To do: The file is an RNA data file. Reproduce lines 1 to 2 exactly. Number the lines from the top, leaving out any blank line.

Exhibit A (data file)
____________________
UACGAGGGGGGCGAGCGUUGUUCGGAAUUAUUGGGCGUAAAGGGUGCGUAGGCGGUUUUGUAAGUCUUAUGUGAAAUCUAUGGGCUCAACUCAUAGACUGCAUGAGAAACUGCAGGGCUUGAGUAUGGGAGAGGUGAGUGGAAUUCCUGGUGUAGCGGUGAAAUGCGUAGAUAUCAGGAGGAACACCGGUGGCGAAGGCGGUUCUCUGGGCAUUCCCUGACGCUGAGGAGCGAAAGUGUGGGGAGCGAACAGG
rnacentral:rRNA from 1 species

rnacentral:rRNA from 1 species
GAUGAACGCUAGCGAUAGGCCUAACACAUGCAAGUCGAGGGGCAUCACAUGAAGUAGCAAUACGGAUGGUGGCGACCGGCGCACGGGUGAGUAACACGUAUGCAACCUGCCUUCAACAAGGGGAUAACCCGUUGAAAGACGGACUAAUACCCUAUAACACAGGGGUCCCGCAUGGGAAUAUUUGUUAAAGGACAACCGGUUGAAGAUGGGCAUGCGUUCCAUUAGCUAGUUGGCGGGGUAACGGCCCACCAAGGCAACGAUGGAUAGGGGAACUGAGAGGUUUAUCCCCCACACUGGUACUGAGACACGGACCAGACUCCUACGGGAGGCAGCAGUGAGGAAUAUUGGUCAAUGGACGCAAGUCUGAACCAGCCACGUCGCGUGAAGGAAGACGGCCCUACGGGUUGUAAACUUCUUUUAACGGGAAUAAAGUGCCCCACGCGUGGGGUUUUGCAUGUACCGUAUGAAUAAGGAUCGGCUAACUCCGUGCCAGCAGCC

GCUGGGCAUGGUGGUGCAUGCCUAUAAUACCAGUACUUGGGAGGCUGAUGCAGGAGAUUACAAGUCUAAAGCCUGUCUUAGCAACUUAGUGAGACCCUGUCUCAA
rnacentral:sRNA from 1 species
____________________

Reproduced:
UACGAGGGGGGCGAGCGUUGUUCGGAAUUAUUGGGCGUAAAGGGUGCGUAGGCGGUUUUGUAAGUCUUAUGUGAAAUCUAUGGGCUCAACUCAUAGACUGCAUGAGAAACUGCAGGGCUUGAGUAUGGGAGAGGUGAGUGGAAUUCCUGGUGUAGCGGUGAAAUGCGUAGAUAUCAGGAGGAACACCGGUGGCGAAGGCGGUUCUCUGGGCAUUCCCUGACGCUGAGGAGCGAAAGUGUGGGGAGCGAACAGG
rnacentral:rRNA from 1 species